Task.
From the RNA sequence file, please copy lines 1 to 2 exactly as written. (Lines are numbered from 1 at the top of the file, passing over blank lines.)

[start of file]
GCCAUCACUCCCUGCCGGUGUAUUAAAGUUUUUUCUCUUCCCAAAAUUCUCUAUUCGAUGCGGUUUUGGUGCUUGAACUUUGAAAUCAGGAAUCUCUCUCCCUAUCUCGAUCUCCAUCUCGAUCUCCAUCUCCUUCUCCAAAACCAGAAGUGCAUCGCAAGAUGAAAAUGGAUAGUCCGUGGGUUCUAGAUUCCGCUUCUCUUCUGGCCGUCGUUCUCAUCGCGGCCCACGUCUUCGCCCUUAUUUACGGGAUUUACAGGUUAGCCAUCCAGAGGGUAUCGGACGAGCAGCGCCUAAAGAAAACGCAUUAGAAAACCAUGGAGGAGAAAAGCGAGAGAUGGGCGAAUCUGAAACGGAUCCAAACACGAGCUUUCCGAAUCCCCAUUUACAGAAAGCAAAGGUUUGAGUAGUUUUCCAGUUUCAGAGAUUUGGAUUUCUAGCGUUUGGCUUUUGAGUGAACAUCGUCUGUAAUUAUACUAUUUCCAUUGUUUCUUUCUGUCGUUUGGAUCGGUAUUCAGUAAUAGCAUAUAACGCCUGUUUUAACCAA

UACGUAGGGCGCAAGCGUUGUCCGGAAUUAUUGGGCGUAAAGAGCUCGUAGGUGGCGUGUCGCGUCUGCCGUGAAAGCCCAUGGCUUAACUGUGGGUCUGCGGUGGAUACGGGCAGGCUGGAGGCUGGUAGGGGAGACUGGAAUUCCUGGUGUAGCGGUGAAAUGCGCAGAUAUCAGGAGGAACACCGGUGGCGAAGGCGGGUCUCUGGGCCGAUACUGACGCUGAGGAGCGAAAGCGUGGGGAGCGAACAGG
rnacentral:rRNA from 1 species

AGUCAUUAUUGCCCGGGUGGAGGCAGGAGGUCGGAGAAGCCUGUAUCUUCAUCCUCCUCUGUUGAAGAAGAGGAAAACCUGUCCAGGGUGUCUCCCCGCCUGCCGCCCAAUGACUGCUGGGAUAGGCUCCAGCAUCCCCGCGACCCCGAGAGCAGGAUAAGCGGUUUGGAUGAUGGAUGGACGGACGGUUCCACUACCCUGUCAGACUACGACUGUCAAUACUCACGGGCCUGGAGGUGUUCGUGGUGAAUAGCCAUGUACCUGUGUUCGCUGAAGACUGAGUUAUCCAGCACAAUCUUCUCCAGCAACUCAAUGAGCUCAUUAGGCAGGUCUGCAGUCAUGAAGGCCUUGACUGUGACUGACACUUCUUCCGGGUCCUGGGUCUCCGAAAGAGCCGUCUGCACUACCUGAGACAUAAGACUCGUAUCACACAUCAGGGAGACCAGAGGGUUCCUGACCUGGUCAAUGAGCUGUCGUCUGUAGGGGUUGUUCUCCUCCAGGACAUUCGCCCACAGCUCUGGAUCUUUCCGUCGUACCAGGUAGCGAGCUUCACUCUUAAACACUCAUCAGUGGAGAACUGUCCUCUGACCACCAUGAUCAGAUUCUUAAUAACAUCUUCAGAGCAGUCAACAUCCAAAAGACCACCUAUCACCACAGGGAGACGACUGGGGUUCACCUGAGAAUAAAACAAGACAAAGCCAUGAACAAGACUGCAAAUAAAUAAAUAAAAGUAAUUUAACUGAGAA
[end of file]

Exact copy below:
GCCAUCACUCCCUGCCGGUGUAUUAAAGUUUUUUCUCUUCCCAAAAUUCUCUAUUCGAUGCGGUUUUGGUGCUUGAACUUUGAAAUCAGGAAUCUCUCUCCCUAUCUCGAUCUCCAUCUCGAUCUCCAUCUCCUUCUCCAAAACCAGAAGUGCAUCGCAAGAUGAAAAUGGAUAGUCCGUGGGUUCUAGAUUCCGCUUCUCUUCUGGCCGUCGUUCUCAUCGCGGCCCACGUCUUCGCCCUUAUUUACGGGAUUUACAGGUUAGCCAUCCAGAGGGUAUCGGACGAGCAGCGCCUAAAGAAAACGCAUUAGAAAACCAUGGAGGAGAAAAGCGAGAGAUGGGCGAAUCUGAAACGGAUCCAAACACGAGCUUUCCGAAUCCCCAUUUACAGAAAGCAAAGGUUUGAGUAGUUUUCCAGUUUCAGAGAUUUGGAUUUCUAGCGUUUGGCUUUUGAGUGAACAUCGUCUGUAAUUAUACUAUUUCCAUUGUUUCUUUCUGUCGUUUGGAUCGGUAUUCAGUAAUAGCAUAUAACGCCUGUUUUAACCAA

UACGUAGGGCGCAAGCGUUGUCCGGAAUUAUUGGGCGUAAAGAGCUCGUAGGUGGCGUGUCGCGUCUGCCGUGAAAGCCCAUGGCUUAACUGUGGGUCUGCGGUGGAUACGGGCAGGCUGGAGGCUGGUAGGGGAGACUGGAAUUCCUGGUGUAGCGGUGAAAUGCGCAGAUAUCAGGAGGAACACCGGUGGCGAAGGCGGGUCUCUGGGCCGAUACUGACGCUGAGGAGCGAAAGCGUGGGGAGCGAACAGG